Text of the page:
The interdepartmental group offered another distinct observation. “…the fall of the government of El Salvador would represent a major reversal for the United States. “We might have been able to maintain a posture of indifference toward the fate of that government had it not been for the large scale and blatant external support for the insurgents…particularly not in our own hemisphere, of permitting a government to fall because we have denied it legitimate means of self-help while the insurgents have received unlimited assistance from communist countries [Italics mine].”
The 1981 working paper specifically implied although it does not state that any and all combat engagements involving U.S. military personnel, particularly the Army’s Special Forces and their supporting elements, would be deliberately denied, covered up, and if needed the circumstances of both the wounding or killing of such personnel by either accident or enemy fire would have to be hidden from the Congress and American public.
This included “body washing” or creating a cover story as to how an American “trainer” may have died and where, and what he was doing at the time of his death. The 1981 working paper concludes with this statement. “In the present circumstances, the proposed deployment of MTTs (Mobile Training Teams) to regional commands in El Salvador does not appear to involve imminent risk of hostilities. However, such a deployment would increase the exposure of U.S. personnel to such a risk. In this regard, the U.S. personnel would be in close physical proximity to potential hostilities, and the company of Salvadoran personnel who might become engaged in hostilities. The War Powers Resolution defines an ‘introduction’ of U.S. Armed Forces as including the coordination or accompanying of foreign forces in hostile situations.”
In 1996, after a ten-year grassroots political campaign organized and executed by both active duty and retired Special Forces personnel who had served and fought in El Salvador, the Congress authorized the Armed Forces Expeditionary Medal and appropriate combat awards and decorations for all those U.S. personnel, all Services, who participated in the war.
“Requiem for a Friend” — https://www.specialforces78.com/requiem-for-a-friend/
Shot down, captured, and executed
A tragic and violent incident on 2 January 1991 received increasing media attention as the facts surrounding the capture and execution of two U.S. Army aviators became known. Marxist guerrillas of the Farabundo Marti Liberation Front (FMLN) brought down a U.S. Huey assault helicopter with small-arms fire. The gunship carried two crewmen and Lieutenant Colonel David H. Pickett, commander of the 4th Battalion, 228th Aviation Regiment, based in Honduras. According to U.S. Army aviation crews who served in El Salvador at the time, FMLN guerrillas executed Pickett and his crew chief, PFC Ernest G. Dawson Jr., minutes after their helicopter auto-rotated down outside the little village of La Estancia.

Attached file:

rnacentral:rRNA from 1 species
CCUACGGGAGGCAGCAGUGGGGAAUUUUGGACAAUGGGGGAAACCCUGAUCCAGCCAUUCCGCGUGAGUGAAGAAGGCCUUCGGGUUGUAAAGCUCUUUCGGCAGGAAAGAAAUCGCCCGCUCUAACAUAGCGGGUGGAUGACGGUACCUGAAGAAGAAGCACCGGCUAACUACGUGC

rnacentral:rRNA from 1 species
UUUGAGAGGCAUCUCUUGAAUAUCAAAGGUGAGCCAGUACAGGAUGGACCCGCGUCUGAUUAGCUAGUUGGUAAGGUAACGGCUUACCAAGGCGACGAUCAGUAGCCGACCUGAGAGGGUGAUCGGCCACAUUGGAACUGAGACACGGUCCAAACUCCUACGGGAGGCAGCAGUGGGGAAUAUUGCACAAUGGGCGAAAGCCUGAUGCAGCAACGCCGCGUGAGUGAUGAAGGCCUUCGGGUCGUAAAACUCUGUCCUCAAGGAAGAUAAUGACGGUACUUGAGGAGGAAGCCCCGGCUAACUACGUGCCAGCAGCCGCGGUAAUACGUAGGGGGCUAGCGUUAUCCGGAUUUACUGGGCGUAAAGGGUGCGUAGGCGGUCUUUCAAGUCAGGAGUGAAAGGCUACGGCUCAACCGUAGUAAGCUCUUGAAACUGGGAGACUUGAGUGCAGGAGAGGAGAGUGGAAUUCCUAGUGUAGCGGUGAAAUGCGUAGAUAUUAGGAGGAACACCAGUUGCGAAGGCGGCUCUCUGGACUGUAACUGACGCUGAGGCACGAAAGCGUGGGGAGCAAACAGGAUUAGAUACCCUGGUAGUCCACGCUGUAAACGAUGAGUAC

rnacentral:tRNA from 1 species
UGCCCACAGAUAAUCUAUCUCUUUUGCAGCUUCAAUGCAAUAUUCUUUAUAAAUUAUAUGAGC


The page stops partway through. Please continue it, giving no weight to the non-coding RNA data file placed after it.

While the UH-lH was airborne, ground fire wounded the senior pilot, Chief Warrant Officer Daniel S. Scott; he died of these wounds sometime during or after the crash. The ensuing killings occurred about 20km northeast of San Miguel, only several klicks from the Honduran border. Pickett and his crew were returning to Soto Cano Air Base in Honduras from a staff visit to American flight and ground crews stationed in El Salvador. Pursuing a shortcut route, the Huey had flown from San Miguel toward San Francisco Gotera, then moved north-east toward the town of Corinto. By this approach they could reduce flight time and slip inside the established “Green Three” route into Honduras, leading directly to Soto Cano.
“The doctor who performed the autopsies had access to the debriefing. He told us it appeared the crew chief was shot first,” recalled a CWO 2 “Bob Bailey.” “Pickett apparently made the decision to run for it and was peppered with AK-47 fire at close range.” (Author’s Note: Some U.S. Salvador veteran aviation crewmen providing information on this and related incidents requested anonymity for security reasons; where noted, such sources are identified here by noms de guerre).
An aviation accident investigation team from Fort Rucker, Alabama, flew to El Salvador to evaluate the incident, per Army regulations. According to “Bailey,” this team’s report “was never released to the aircrews in El Salvador. This was fairly unusual, as all crash reports are circulated among the pilots so we can learn why a crash took place.”
Pickett’s helicopter had been armed with two M60 machine guns, but these were strapped to its floor rather than mounted. At the time, policy for airframes flying in Honduras called for positioning the guns in this manner.
It was after this incident that authorities determined a need for an ongoing airborne support unit in El Salvador, and it fell to B Company of the 4th Battalion, 228th Aviation Regiment, to provide such an asset even as the war was beginning to be brought to a diplomatic conclusion.